As of 1 January 2023, all WA local governments and regional local governments are covered by the state industrial relations system. Local government employers previously operating under the Fair Work Act 2009 (Cth) transferred to the state system on this date.
Prior to 1 January 2023, some WA local governments operated in the state system and others in the national system. The WA Government supports local governments, as part of the body politic of the State, being covered by state employment laws. For this reason, the Industrial Relations Act 1979 (WA) (IR Act) was amended on 20 June 2022 to enable local governments to be covered exclusively by the state system.
The Fair Work Act contains a process to enable certain employers, including local governments, to be declared not to be national system employers. Using this process, the WA Government declared local governments not to be national system employers on 20 June 2022. This declaration was in turn endorsed by the Federal Minister for Employment and Workplace Relations. For more information see the Fair Work (State Declarations — employers not to be national system employers) Endorsement 2022.
To facilitate the move to the state system, the IR Act includes transitional arrangements that recognise existing federal employment arrangements for a specified period. This gives affected employers sufficient time to comply with the IR Act and other state employment laws.
If a local government was covered by a federal industrial instrument (old federal instrument) immediately before 1 January 2023, then that instrument becomes a state industrial agreement (new State instrument) under the IR Act. An old federal instrument means:
- a federal modern award;
- a federal enterprise agreement;
- a workplace determination; or
- an order of the Fair Work Commission.
The new State instrument has the same terms and conditions as the old federal instrument, although any terms and conditions that are less favourable than the Minimum Conditions of Employment Act 1993 (WA) are of no effect.
The new State instrument has a nominal expiry date that is the earlier of the following:
- two years after 1 January 2023; or
- the nominal expiry date specified in the old federal instrument.
A local government employer has a federal enterprise agreement with a nominal expiry date of 30 June 2023.
On 1 January 2023, the local government employer’s federal enterprise agreement (the old federal instrument) becomes an industrial agreement (the new State instrument) under the IR Act. The nominal expiry date of the new State instrument is 30 June 2023, in accordance with its terms.
A local government employer is covered by the national Local Government Industry Award 2020 (the old federal instrument), which has no expiry date.
On 1 January 2023, the Local Government Industry Award 2020 becomes an industrial agreement (the new State instrument) under the IR Act. The nominal expiry date of the new State instrument is 2 January 2025, which is two years after 1 January 2023.
Although a new State instrument has a maximum nominal term of two years, it continues to operate after its nominal expiry until a new agreement is made in substitution for it, or a union or employer party retires from it. There is also nothing to prevent the parties from negotiating and making a new agreement during the nominal term of a new State instrument.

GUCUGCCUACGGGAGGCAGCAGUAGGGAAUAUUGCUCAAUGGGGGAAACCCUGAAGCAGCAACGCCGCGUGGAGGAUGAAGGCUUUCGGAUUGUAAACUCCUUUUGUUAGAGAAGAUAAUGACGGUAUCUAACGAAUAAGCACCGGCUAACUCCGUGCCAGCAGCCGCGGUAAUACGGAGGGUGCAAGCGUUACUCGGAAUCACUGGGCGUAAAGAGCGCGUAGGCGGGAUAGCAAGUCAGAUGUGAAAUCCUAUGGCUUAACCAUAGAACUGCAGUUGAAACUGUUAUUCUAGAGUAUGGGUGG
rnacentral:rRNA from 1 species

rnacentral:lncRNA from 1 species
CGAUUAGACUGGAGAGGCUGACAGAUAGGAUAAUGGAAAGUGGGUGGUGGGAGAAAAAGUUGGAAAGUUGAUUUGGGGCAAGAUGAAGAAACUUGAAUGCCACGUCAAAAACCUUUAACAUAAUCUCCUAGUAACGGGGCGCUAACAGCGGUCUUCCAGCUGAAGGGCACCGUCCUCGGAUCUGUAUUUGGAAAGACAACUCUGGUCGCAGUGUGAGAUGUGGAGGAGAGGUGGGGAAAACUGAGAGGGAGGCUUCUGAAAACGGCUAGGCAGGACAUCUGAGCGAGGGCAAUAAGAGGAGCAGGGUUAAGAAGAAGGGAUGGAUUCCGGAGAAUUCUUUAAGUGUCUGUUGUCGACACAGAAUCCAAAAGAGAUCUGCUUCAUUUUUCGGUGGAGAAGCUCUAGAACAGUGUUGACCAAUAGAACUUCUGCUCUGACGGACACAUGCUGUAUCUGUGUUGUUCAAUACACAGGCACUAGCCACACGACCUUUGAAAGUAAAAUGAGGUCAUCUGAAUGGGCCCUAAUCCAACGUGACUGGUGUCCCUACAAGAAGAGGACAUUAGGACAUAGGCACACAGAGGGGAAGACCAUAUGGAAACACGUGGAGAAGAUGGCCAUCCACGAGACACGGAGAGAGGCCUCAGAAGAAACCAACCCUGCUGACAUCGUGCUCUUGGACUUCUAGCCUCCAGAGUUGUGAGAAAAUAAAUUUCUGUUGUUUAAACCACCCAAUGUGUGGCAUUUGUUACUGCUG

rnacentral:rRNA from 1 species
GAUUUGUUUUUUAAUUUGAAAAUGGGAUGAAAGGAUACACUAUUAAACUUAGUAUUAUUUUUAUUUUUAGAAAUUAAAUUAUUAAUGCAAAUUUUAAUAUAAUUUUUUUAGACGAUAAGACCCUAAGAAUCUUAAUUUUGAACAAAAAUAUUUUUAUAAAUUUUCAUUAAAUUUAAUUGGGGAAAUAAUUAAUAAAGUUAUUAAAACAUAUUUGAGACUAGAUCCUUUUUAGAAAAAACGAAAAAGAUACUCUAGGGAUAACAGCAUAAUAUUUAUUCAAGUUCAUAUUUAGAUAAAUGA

While a new State instrument is in force, a state award under the IR Act does not apply for a period of two years beginning on 1 January 2023 (i.e. up until 1 January 2025). After this time, a state award could apply in conjunction with the new State instrument (although the new State instrument will prevail to the extent of any inconsistency).
Continuity of employment and leave entitlements
An employee’s continuity of employment and any leave entitlements accrued in the national industrial relations system are preserved and recognised in the state system. Transitional provisions in the IR Act provide that a period of leave taken under an old federal instrument is deemed to have been taken under a new State instrument.
Amendment to new State instruments
A local government employer, employee or registered organisation may apply to the Western Australian Industrial Relations Commission (WAIRC) to amend a new State instrument. The WAIRC may make the amendment if it is satisfied it is fair and reasonable to do so in the circumstances. The amendment may be provided to take effect:
- immediately; or
- progressively, in stages specified in the amendment.
Other transitional arrangements
A variety of other transitional arrangements are included in the IR Act, including provisions:
- enabling the WAIRC to deal with any matters that were underway in the national system prior to a local government transferring to the state system, e.g. a bargaining dispute; and
- enabling a state registered organisation of employees to be added as a named party to a new State instrument, if employees covered by the instrument are eligible to be members of the organisation.
The Commonwealth has also made regulations to enable:
- certain applications made under the Fair Work Act 2009 prior to 1 January 2023 to continue to be dealt with under that Act (e.g. unfair dismissal and general protection applications);
- certain applications to be made under the Fair Work Act after 1 January 2023, where those applications relate to conduct that occurred before 1 January 2023.
For more information see the Fair Work Amendment (Transitional Arrangements – Western Australian Local Government Employers and Employees) Regulations 2022 or call the Fair Work Commission on 1300 799 675 or the Fair Work Ombudsman on 13 13 94.